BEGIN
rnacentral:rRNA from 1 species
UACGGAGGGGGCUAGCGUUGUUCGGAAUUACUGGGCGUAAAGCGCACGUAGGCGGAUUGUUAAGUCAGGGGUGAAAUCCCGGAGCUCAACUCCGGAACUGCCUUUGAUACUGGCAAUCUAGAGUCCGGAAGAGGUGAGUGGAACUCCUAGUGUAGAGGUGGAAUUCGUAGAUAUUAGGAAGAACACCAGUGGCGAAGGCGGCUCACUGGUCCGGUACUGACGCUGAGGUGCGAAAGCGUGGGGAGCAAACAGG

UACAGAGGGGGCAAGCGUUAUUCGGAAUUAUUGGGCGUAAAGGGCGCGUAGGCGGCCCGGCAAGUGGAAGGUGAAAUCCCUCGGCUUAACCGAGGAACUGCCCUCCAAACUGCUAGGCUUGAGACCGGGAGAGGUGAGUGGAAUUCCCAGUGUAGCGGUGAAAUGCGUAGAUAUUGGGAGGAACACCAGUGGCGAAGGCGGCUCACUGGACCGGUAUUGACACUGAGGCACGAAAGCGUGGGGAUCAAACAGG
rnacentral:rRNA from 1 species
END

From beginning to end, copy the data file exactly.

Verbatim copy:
rnacentral:rRNA from 1 species
UACGGAGGGGGCUAGCGUUGUUCGGAAUUACUGGGCGUAAAGCGCACGUAGGCGGAUUGUUAAGUCAGGGGUGAAAUCCCGGAGCUCAACUCCGGAACUGCCUUUGAUACUGGCAAUCUAGAGUCCGGAAGAGGUGAGUGGAACUCCUAGUGUAGAGGUGGAAUUCGUAGAUAUUAGGAAGAACACCAGUGGCGAAGGCGGCUCACUGGUCCGGUACUGACGCUGAGGUGCGAAAGCGUGGGGAGCAAACAGG

UACAGAGGGGGCAAGCGUUAUUCGGAAUUAUUGGGCGUAAAGGGCGCGUAGGCGGCCCGGCAAGUGGAAGGUGAAAUCCCUCGGCUUAACCGAGGAACUGCCCUCCAAACUGCUAGGCUUGAGACCGGGAGAGGUGAGUGGAAUUCCCAGUGUAGCGGUGAAAUGCGUAGAUAUUGGGAGGAACACCAGUGGCGAAGGCGGCUCACUGGACCGGUAUUGACACUGAGGCACGAAAGCGUGGGGAUCAAACAGG
rnacentral:rRNA from 1 species